8 Football Lingos You Ought To Know

Written by elevenwickets

It doesn’t matter if you watch a live football or play fantasy footballwhich is basically a side-kick of the real game, here are some football jargons that you might or might not know.   


  1. Tiki-Taka 

Tiki-taka in football translates as ‘touch-touch’ football. This involves short passing and movement, maintaining possession and working the ball through the channels.  The key idea behind tiki-taka is to ensure that the opponent does not get the ball – and while in possession, to deliver a killer pass from which a goal can be scored. The team looks to keep possession with quick passes and movement, suddenly surprising the opposition with a pass in behind their defence which results in a goal. Football coach Jed C. Davies, author of Coaching the tiki-taka style of play, believes that these tactics are “among other things, a conceptual revolution based on the idea that the size of any football field is flexible and can be altered by the team playing on it.” 


  1. Roulette (The Marseille Turn) 

The Roulette or the Marseille Turn is a type of dribbling skill which basically involves a spin move around the ball. It can be done when the player is stationary or moving with the ball. It involves dragging the ball back to his main foot, doing a body spin (360 degrees) and getting the ball back to the weaker foot.  Michael Laudrup is often credited for being the first player to use this technique, and since then many notable footballers like Diego Maradona, Zinedine Zidane, Thierry Henry, Lionel Messi and Kaka have successfully executed the Marseille Turn. 

  1. Elastico 

The Elastico or the flip-flap is a dribbling move which a player uses to deceive the defender into thinking that he will go in a particular direction while actually going to the other direction. The player does the trick by using the outside of one foot to push the ball to a side, and then quickly move that foot around the ball and use the inside of the foot to push the ball to the other side.The trick requires nifty footwork and ability of the player to accelerate quickly from a stationary position. Japanese Brazilian player Sergio Echigo invented this move 

  1. The Cruyff Turn 

The Cruyff Turn is an evasive move taken when the player who is being marked by a defender, while looking to pass or cross the ball, instead of kicking it would drag the ball with a foot to the back of the other foot, rotate 180 degrees and run away from the defender. The move was famously executed by Cruyff in the 1974 World Cup when he outwitted Sweden’s Jan Olsson. The move is now commonly used by many players worldwide. 

  1. Rabona 

Rabona is a move which involves kicking the ball where the kicking leg is wrapped from behind the standing leg. In other words, the player is kicking the ball with his legs being crossed. A rabona is used by a player when he feels that ball is on his weaker foot. Another scenario when a player performs a rabona is when he is trying to confuse the defender. Some of the leading current players who have executed the rabona successfully include Cristiano Ronaldo, Luis Suarez and Angel di Maria.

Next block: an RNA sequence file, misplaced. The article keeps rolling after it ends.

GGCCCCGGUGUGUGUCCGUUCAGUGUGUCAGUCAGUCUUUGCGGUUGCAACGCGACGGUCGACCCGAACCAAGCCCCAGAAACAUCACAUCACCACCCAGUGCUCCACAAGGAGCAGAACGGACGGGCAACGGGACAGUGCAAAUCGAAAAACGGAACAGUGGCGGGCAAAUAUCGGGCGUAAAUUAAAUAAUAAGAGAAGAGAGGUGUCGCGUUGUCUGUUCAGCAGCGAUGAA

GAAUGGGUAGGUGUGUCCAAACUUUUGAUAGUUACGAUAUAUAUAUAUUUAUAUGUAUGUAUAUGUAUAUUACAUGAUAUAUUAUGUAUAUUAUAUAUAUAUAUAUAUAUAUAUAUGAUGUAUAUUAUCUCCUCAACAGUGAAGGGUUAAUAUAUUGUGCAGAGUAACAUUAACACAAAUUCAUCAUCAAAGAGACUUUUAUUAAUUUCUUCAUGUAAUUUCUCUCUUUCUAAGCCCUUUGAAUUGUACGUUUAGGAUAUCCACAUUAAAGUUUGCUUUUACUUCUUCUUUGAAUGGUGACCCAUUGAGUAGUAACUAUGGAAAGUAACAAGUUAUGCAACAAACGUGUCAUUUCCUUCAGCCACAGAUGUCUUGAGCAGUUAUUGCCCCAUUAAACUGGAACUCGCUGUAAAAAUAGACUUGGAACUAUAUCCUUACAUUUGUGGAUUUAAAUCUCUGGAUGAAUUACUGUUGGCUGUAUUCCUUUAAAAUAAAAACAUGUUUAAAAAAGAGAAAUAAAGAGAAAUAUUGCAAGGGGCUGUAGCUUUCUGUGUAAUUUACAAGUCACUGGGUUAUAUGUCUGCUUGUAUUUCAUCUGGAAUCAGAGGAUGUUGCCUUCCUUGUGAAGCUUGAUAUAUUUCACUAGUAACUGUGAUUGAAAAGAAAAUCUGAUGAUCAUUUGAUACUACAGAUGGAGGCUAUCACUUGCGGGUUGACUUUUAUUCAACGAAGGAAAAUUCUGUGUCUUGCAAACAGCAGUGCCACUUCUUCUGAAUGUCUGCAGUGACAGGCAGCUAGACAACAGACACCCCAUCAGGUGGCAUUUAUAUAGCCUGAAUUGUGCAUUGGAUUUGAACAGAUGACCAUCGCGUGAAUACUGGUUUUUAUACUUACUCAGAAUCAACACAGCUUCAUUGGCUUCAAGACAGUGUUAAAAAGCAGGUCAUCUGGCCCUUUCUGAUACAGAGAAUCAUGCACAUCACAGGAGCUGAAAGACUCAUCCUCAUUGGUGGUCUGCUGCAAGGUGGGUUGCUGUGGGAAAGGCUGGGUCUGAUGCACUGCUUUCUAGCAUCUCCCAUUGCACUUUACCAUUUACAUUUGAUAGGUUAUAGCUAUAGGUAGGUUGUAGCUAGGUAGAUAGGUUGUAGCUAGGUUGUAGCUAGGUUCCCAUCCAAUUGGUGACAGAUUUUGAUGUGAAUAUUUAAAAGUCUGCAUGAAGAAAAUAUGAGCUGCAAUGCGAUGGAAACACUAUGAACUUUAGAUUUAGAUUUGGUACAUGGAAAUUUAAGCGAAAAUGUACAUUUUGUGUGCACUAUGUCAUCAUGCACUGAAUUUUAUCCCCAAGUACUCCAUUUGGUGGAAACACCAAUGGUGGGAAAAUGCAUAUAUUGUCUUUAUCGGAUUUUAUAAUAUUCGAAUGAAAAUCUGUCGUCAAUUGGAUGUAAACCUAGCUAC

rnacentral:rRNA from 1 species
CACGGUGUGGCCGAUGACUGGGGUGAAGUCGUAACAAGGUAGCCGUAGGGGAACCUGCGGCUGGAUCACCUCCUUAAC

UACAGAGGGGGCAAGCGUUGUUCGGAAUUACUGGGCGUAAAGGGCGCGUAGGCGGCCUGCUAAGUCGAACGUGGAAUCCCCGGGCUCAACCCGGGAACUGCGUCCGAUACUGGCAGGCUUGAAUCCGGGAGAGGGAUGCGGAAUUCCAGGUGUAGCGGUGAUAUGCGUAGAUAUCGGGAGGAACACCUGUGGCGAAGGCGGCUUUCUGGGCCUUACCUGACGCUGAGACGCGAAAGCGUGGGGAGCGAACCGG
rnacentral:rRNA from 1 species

1. Regista 

Regista means “Director” in Italian and the player literally directs and dictates the play of the team. Regista or the deep-lying playmaker (or quarterback, as the position is often referred to) is a player who stays deep and controls the game from there. A regista isn’t expected to be supremely quick and have to run around the pitch trying to win the ball. Instead, he is required to have the intelligence to be able to read the game and identify where his teammates and opponents are and will be and be able to deliver the required pass to set up an offensive play. In present day football no player performs this job as exquisitely and perfectly as Italy’s Andrea Pirlo. Pirlo played a key role in Italy winning the 2006 World Cup and controlled the game for his side from the deep midfield position. He continued to thrive in the role for Juventus and Italy and the opposition teams were forced to plan ways to neutralise Pirlo’s impact in the game. 

  1. Forward Destroyer 

With the advent of the registas, teams began to ponder over how to neutralise the impact of playmakers. With the regista staying deep in his half, the only player who can look to nullify his influence is an advanced midfielder in the number 10 position. With this in mind, managers have started playing defensive midfielders in an advanced role called the forward destroyer. Marouane Fellaini is probably the best example of a forward destroyer as he built his reputation at Everton where David Moyes played him in that role. A more recent use of the forward destroyer was during the 2014 World Cup when Roy Hodgson played Danny Welbeck in the position in an attempt to reduce Pirlo’s impact on the game.  

  1. Total Football 

Total football involves players constantly switching positions in an attempt to confuse the opponents and the strategy requires players to be very versatile. There is focus on ball retention and, while possession is maintained, some players try to move around and get into goal scoring positions. The tactics find their origin in Netherlands and were first used at the Dutch club Ajax in 1915. Later in the century, Rinus Michels popularised the tactics when he took over as manager of Ajax and brought it to prominence with the Dutch national team in the 1974 World Cup. 

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